You have to take your hat off to the beret. No frills, no brim, but the chameleonic chapeau has usurped bags and shoes as accessory du jour. Indeed, there’s a renewed relevance about this perennial Parisian chic go-to.
At the Men’s Fashion Week, British stylist Judy Blame gave Jeremy Scott’s military-charged Moschino collection punk overtones, adding flash by pinning piles and piles of eclectic metallic embellishments such as buttons, safety pins and keys on wool toppers.
A day later, Miuccia Prada reminded us of the beret’s je ne sais quoi with her line-up of leather lust-musts, sported by intellectuals and artists circa 1970s Left Bank.
Such different representations aptly sum up the hat’s split-personality (and unique) appeal.
Delving into the history of berets
Widely regarded as a French symbol, historical evidence suggests the existence of felt hats similar to the beret dating as far back to the Bronze Age in Italy and Denmark. The ancient Greeks have also been depicted with early renditions.
According to Laulhère, the only brand in France that’s been making berets from pure merino virgin wool by hand since 1840, Béarn shepherds wore these hats to protect against harsh and cold winters.
Industrialisation led to mass production, so it became a common workman’s cap. When artists the likes of Claude Monet and Paul Cézanne adopted it à la Dutch Renaissance painter Rembrandt, the beret instantly became associated with creative visionaries. Swedish auteur Ingmar Bergman was among many film directors known for wearing one. (While French-style berets usually sport a tiny tail, its Scottish counterpart has a big pom-pom as the centrepiece.)
In 1889, the Chasseurs Alpins (French elite mountain infantry) conscripted the hat as part of its uniform. Its compact size meant soldiers could climb through the small hatches of tanks without get their hats knocked off. The lack of a brim also ensures their sight line wasn’t blocked.
Berets have become a symbol of revolution
But just as the beret signifies military authority, it also stands for revolution, thanks to Che Guevara’s enigmatic portrait. Fashion photographer Alberto Korda’s 1960 snap immortalised the Argentine-Cuban left-wing radical with his black beret marked with a star.
Over in the US during the turbulent 1960s, members of the Black Panther Party (BPP, originally named the Black Panther Party for Self-Defence) were often photographed in a uniform that included black berets.
Last year, Beyoncé marked the 50th anniversary of the now-forgotten organisation committed to establish social, economic, and political equality across race and gender lines — African-American women became active participants after 1969, when sexism was deemed counter-revolutionary. Her highly anticipated Super Bowl 50 (the irony!) half-time performance sparked controversy — her backup dancers, dressed in all-black ensembles with black berets atop fluffed-up fros, looked every inch the new-gen Panthers.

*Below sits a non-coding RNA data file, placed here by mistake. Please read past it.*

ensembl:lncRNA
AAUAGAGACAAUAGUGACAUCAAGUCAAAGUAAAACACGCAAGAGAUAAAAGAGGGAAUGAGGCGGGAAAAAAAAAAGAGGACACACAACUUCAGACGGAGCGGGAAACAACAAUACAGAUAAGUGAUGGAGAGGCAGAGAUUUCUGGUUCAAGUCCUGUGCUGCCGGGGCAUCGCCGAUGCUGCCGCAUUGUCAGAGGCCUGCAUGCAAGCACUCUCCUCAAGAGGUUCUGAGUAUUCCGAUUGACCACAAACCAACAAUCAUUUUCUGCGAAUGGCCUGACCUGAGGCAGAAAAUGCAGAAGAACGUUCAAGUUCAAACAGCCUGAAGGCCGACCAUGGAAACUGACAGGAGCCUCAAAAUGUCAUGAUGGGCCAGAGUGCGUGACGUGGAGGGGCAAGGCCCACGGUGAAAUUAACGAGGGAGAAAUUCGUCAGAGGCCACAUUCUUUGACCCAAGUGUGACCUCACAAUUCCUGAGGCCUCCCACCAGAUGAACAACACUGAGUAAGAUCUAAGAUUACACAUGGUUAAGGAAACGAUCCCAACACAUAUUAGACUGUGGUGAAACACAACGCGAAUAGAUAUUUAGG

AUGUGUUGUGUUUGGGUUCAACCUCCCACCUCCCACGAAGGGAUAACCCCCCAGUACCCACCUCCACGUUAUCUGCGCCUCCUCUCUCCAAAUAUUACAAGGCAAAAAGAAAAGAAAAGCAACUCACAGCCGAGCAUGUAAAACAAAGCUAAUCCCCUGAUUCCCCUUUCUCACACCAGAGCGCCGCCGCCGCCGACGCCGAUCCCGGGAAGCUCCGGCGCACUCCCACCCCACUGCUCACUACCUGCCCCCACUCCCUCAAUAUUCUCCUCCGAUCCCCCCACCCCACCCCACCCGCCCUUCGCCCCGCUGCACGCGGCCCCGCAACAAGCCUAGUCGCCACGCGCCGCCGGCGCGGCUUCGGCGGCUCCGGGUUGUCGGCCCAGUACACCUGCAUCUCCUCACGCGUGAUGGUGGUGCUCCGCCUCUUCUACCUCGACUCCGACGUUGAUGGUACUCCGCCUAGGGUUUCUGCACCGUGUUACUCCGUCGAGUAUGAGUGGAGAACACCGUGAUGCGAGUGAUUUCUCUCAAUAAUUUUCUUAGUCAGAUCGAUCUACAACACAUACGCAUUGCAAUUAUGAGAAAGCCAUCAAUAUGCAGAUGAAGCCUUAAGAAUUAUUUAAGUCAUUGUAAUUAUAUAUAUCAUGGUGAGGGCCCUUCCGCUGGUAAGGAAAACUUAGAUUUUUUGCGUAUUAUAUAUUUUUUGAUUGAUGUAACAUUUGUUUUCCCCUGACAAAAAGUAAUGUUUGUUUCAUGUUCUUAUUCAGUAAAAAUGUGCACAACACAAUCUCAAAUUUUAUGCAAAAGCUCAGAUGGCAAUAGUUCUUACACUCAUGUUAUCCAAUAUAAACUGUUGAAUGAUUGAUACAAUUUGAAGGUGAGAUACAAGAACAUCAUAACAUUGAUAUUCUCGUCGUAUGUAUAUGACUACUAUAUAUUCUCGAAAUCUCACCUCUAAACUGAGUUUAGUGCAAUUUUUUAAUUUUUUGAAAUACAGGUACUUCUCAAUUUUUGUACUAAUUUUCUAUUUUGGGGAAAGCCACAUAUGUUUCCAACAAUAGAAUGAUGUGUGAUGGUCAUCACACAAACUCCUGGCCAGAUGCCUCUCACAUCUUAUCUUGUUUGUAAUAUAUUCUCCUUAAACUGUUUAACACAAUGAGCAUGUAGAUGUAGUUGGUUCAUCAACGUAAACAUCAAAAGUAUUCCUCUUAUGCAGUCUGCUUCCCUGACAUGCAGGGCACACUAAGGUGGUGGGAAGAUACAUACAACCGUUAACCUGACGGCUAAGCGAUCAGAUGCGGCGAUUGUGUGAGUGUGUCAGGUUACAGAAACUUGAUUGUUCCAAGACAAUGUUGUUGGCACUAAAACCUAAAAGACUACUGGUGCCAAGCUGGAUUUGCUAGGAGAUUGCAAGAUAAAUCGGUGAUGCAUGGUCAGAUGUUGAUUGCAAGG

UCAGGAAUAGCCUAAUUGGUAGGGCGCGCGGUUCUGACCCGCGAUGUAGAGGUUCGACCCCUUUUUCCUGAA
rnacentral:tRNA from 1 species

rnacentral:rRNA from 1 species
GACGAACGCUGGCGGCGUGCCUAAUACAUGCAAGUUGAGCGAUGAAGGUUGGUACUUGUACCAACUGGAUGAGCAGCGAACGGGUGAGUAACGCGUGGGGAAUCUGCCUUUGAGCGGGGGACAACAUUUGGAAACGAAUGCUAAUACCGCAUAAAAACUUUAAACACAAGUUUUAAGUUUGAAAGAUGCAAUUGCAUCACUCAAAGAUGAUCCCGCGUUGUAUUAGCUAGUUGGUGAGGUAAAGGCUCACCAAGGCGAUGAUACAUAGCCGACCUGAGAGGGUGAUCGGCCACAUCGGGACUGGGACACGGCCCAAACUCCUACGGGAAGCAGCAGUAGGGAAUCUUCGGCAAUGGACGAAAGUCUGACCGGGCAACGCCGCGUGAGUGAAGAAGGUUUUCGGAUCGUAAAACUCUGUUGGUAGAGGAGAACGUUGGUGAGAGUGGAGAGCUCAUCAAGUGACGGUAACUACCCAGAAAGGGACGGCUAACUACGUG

Raising fists in the air evoked memories of African-American athletes Tommie Smith and John Carlos’ Black Power salute at the 1968 Olympics. And getting into Formation in an “X” arrangement (like the criss-crossed gold regalia on Beyoncé’s Dsquared2 leather jacket) alluded particularly to African-American Muslim human rights activist Malcolm X.
Celebrated and censured in equal measure — just like the BPP — Queen Bey’s bold political statement was a chilling reminder that #BlackLivesMatter.
Beret as a chic mark of style
Considering the beret’s close association to revolutionaries, it is illuminating to see how designers have employed it as a harbinger of change, revealing another dimension to their creations.
While Maria Grazia Chiuri’s blue brigade in Stephen Jones’ D-Dream berets befits a 70th-anniversary tribute to Monsieur Christian Dior, a defining figure in French flair, it expresses her audacity to send down an all-blue line-up. With her third outing, the former Valentino co-creative director has clearly established she’s in charge, and not afraid to follow her heart.
Likewise the seminal Gucci collection from Autumn/Winter 2015. For his debut creative director Alessandro Michele endowed the beret with romantic allure. He emerged from behind the scenes to take Gucci in a totally unexpected course and has completely overhauled the storied label’s visual identity.
And if philosopher Marshall McLuhan’s theory that “the medium is the message” (or “mess age”, if you will) holds true, the beret has demonstrated its success at effecting our evolution as a society.
First published in Prestige Singapore’s October 2017 issue.